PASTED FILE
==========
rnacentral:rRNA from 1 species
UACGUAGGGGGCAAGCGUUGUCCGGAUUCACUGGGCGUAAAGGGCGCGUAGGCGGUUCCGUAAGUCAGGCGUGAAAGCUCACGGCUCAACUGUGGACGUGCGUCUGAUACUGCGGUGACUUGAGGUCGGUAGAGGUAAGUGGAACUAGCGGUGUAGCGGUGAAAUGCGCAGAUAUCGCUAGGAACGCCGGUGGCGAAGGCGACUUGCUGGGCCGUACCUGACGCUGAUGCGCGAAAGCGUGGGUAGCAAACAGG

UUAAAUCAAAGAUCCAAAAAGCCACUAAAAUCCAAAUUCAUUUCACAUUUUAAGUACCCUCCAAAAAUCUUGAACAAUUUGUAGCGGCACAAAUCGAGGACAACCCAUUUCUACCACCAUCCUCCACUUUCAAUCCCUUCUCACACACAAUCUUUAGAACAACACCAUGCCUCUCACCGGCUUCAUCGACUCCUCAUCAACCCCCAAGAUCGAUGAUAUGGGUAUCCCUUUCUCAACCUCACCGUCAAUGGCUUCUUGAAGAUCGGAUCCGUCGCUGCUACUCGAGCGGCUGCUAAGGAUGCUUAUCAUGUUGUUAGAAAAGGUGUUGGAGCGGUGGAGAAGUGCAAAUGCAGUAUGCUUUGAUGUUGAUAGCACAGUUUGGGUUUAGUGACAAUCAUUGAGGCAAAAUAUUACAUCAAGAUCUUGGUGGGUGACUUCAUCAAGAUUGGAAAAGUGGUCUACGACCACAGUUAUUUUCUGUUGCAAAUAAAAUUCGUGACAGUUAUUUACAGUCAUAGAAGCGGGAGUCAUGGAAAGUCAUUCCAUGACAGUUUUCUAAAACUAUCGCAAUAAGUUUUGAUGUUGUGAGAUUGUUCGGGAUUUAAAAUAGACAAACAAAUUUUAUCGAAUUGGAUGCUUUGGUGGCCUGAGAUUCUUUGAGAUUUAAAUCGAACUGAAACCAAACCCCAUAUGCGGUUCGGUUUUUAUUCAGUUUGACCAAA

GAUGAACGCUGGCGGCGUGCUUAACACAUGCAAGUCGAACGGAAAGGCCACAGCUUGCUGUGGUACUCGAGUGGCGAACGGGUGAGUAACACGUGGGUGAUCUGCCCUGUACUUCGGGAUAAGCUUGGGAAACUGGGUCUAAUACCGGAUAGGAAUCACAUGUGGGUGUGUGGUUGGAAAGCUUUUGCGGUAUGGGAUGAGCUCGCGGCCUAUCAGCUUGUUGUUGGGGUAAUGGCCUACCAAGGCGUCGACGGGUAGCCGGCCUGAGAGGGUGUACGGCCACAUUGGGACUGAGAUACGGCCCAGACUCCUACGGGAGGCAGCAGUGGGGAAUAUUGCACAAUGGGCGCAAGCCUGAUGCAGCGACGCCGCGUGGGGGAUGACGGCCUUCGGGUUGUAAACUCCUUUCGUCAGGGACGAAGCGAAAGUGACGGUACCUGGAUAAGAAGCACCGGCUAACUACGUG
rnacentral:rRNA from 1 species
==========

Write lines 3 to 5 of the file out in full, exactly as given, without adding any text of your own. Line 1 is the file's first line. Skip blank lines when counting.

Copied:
UUAAAUCAAAGAUCCAAAAAGCCACUAAAAUCCAAAUUCAUUUCACAUUUUAAGUACCCUCCAAAAAUCUUGAACAAUUUGUAGCGGCACAAAUCGAGGACAACCCAUUUCUACCACCAUCCUCCACUUUCAAUCCCUUCUCACACACAAUCUUUAGAACAACACCAUGCCUCUCACCGGCUUCAUCGACUCCUCAUCAACCCCCAAGAUCGAUGAUAUGGGUAUCCCUUUCUCAACCUCACCGUCAAUGGCUUCUUGAAGAUCGGAUCCGUCGCUGCUACUCGAGCGGCUGCUAAGGAUGCUUAUCAUGUUGUUAGAAAAGGUGUUGGAGCGGUGGAGAAGUGCAAAUGCAGUAUGCUUUGAUGUUGAUAGCACAGUUUGGGUUUAGUGACAAUCAUUGAGGCAAAAUAUUACAUCAAGAUCUUGGUGGGUGACUUCAUCAAGAUUGGAAAAGUGGUCUACGACCACAGUUAUUUUCUGUUGCAAAUAAAAUUCGUGACAGUUAUUUACAGUCAUAGAAGCGGGAGUCAUGGAAAGUCAUUCCAUGACAGUUUUCUAAAACUAUCGCAAUAAGUUUUGAUGUUGUGAGAUUGUUCGGGAUUUAAAAUAGACAAACAAAUUUUAUCGAAUUGGAUGCUUUGGUGGCCUGAGAUUCUUUGAGAUUUAAAUCGAACUGAAACCAAACCCCAUAUGCGGUUCGGUUUUUAUUCAGUUUGACCAAA

GAUGAACGCUGGCGGCGUGCUUAACACAUGCAAGUCGAACGGAAAGGCCACAGCUUGCUGUGGUACUCGAGUGGCGAACGGGUGAGUAACACGUGGGUGAUCUGCCCUGUACUUCGGGAUAAGCUUGGGAAACUGGGUCUAAUACCGGAUAGGAAUCACAUGUGGGUGUGUGGUUGGAAAGCUUUUGCGGUAUGGGAUGAGCUCGCGGCCUAUCAGCUUGUUGUUGGGGUAAUGGCCUACCAAGGCGUCGACGGGUAGCCGGCCUGAGAGGGUGUACGGCCACAUUGGGACUGAGAUACGGCCCAGACUCCUACGGGAGGCAGCAGUGGGGAAUAUUGCACAAUGGGCGCAAGCCUGAUGCAGCGACGCCGCGUGGGGGAUGACGGCCUUCGGGUUGUAAACUCCUUUCGUCAGGGACGAAGCGAAAGUGACGGUACCUGGAUAAGAAGCACCGGCUAACUACGUG
rnacentral:rRNA from 1 species